at $1,300 mean big profits for gold miners.
At the Denver Gold Forum, the mood is bubbly and optimistic. The CEOs of the leading gold and silver companies expect prices to move higher. Long-term targets are ranging anywhere from $1,500 to $5,000 for gold and $30 for silver.
Cash costs range anywhere from $300 to $850 per ounce of gold, leaving lots of room for big profit margins as gold heads to $1,300 an ounce. I asked each CEO what $1,300 gold prices meant for his company.
has a market cap of almost $13 billion. Cash costs are $496 an ounce and the company earned 16 cents a share in the second quarter.
CEO Tye Burt:
Thirteen hundred dollar gold means an $800 per ounce margin ... it means rising cash flow per share and it means we're driving great margins in a tough competitive industry.
North American Palladium
has a market cap of $552.94 million. Cash costs for palladium were $304 for the second quarter. The company reported a net loss of 8 cents a share in the same period despite rising income and revenue.
CEO Bill Biggar: It means a lot of cash flow because our operating costs at our Sleeping Giant gold mine, when we get it at a steady state, will be running around $600 an ounce.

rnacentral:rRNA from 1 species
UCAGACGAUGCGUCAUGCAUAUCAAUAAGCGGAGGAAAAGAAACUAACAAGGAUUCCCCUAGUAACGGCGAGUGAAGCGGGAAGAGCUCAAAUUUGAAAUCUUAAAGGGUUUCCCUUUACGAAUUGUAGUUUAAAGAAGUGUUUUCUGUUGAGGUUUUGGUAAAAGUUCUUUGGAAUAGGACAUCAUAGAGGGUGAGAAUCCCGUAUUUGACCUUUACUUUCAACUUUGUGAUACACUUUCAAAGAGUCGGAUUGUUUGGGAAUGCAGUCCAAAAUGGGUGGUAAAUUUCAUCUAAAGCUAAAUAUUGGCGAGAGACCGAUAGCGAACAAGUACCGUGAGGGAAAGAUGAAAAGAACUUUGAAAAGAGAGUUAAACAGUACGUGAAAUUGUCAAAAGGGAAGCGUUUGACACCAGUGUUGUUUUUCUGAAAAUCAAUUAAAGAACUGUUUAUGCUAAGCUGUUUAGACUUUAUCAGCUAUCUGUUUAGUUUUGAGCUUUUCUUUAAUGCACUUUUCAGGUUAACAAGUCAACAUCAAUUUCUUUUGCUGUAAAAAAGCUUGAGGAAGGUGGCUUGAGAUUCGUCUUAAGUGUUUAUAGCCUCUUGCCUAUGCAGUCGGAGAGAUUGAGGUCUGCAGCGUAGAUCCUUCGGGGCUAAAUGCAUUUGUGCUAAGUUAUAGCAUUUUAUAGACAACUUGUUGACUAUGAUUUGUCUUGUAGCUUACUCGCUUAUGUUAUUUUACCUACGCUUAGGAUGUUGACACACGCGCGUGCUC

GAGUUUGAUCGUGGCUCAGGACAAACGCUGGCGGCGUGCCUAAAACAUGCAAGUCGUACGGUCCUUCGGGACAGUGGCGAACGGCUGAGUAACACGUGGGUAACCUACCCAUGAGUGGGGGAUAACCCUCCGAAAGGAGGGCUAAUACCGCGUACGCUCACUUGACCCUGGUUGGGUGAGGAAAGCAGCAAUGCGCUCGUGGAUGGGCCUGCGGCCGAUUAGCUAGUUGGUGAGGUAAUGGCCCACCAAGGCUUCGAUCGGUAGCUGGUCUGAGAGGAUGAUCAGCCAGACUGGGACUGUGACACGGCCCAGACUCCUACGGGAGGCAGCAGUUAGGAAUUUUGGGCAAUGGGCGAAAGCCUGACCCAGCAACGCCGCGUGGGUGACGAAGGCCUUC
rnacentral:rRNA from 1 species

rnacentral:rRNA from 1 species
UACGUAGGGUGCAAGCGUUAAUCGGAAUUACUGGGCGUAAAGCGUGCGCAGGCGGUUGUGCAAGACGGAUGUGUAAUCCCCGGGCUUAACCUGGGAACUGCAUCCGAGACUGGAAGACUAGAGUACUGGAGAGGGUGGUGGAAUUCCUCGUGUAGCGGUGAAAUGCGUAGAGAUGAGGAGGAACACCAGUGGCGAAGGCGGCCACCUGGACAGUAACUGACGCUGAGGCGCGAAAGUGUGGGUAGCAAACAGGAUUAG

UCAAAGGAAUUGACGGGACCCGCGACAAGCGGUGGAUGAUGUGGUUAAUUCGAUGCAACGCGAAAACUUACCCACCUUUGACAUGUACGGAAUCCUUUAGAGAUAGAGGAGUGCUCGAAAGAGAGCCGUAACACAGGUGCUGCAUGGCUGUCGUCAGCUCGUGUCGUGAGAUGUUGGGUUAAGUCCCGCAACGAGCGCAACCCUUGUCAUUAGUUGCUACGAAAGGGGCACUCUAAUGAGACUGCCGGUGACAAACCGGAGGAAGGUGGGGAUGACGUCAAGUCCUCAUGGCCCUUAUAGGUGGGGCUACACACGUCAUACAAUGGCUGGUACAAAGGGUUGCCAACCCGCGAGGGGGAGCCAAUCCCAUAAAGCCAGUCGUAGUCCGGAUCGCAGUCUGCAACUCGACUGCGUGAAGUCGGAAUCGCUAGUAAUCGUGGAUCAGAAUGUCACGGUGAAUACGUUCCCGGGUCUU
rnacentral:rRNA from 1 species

That's why you're seeing a resurgence in the gold market right now because there are a lot of deposits that clearly wouldn't have been economic for $500 gold but they certainly are at
is a silver royalty company with a $8.53 billion market cap. The company buys silver for $4 an ounce and made 16 cents a share in the second quarter as net earnings rose 200% from a year earlier.
CEO Peter Barnes:
You have to ask what does $21 silver mean for our company now? It means that for every ounce we sell, we're getting $17 of cash flow. We have the highest margins in the precious metal industry.
I think you'll see
M&A continuing, which creates opportunities for companies like ours ... If company A wants to buy company B and they've got to offer some cash, they've got to get that cash from somewhere, and if they produce bi-product silver we can pay them a lot of cash.
is one of the largest gold producers in the world with a market cap of $31.51 billion. Cash costs rose to $448 an ounce in the second quarter, and the company earned 27 cents a share, just slightly below expectations.
CEO Chuck Jeannes:
Thirteen hundred dollar gold means that we're increasing our margins ... every year for the past eight years our cash margins have gone up ... That's one of our main goals, so that as the gold price goes up, our cash margins go up.
( MFN) has a market cap of $686 million. The company's current cash costs are $597 per ounce and it reported a loss of 1 cent a share in the second quarter.
CEO Mark Bailey: I'm not wishing for $2,000 gold. Sometimes you have to watch what you wish for ... I don't know if that
price is a healthy thing for the economy ... I'm happy at $1,200 gold
but .... $1,300 is a pretty good margin. If we can produce
gold at $400 and sell it for
even $1,200 we're making $800 an ounce. That's pretty spectacular."